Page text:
This article is filled with conjecture and misleading statements. As a clinical psychiatrist, I have not found buprioprion (Wellbutrin) to be "benign." Patients on it complain of jitteriness, tremor, insomnia, moderate to severe agitation and irritability. At least half of the patients I've tried on it had to discontinue it due to side effects.
When it does work as an antidepressant, I've seen quite remarkable turnarounds. However, I tend not to use it as a first-line agent or as sole therapy because of the side effects and because it tends not to work so well for most people I've treated.
It was widely touted to reverse the sexual dysfunction of the SSRIs for a while. However, I don't know one psychiatrist who has found success in this context. It is true that the risk of seizure is overstated, but that certainly is not the reason I don't choose this drug first.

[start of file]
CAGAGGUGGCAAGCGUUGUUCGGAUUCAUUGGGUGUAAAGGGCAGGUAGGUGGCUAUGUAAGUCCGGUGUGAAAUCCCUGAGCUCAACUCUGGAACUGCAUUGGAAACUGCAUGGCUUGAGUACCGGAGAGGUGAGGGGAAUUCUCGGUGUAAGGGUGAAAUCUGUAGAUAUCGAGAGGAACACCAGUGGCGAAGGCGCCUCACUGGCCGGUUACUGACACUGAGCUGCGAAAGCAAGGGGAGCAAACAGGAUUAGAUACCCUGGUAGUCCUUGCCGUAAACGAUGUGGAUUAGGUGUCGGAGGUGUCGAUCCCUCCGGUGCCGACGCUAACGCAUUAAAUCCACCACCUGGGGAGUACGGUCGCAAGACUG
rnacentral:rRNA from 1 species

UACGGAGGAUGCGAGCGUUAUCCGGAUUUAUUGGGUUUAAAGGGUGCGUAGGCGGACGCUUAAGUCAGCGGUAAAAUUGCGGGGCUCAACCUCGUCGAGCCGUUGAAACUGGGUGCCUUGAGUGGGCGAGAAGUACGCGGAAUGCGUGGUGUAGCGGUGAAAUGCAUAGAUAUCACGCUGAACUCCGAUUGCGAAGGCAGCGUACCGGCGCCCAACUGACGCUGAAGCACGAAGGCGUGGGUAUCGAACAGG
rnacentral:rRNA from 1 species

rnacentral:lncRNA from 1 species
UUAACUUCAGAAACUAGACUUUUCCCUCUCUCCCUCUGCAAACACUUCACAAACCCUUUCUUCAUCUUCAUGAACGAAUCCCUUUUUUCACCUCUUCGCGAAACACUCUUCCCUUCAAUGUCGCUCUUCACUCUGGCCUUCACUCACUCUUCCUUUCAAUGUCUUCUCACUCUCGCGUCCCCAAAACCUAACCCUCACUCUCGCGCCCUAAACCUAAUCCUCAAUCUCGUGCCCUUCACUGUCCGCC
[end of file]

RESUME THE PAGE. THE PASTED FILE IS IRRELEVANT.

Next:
-- Lawrence H. Sacks, M.D.
I have taken Wellbutrin for over a year and haven't experienced the "sexual enhancement" side effect described in your article.
From my experience, Wellbutrin isn't an aphrodisiac and doesn't zero in on the user's libido. However, Wellbutrin has been an extremely effective treatment for my depression, without the sexual side effects associated with SSRIs.
Sex is mostly psychological and so is depression. If you remove depression from your life, it's likely your sex drive will return.
-- Name withheld at writer's request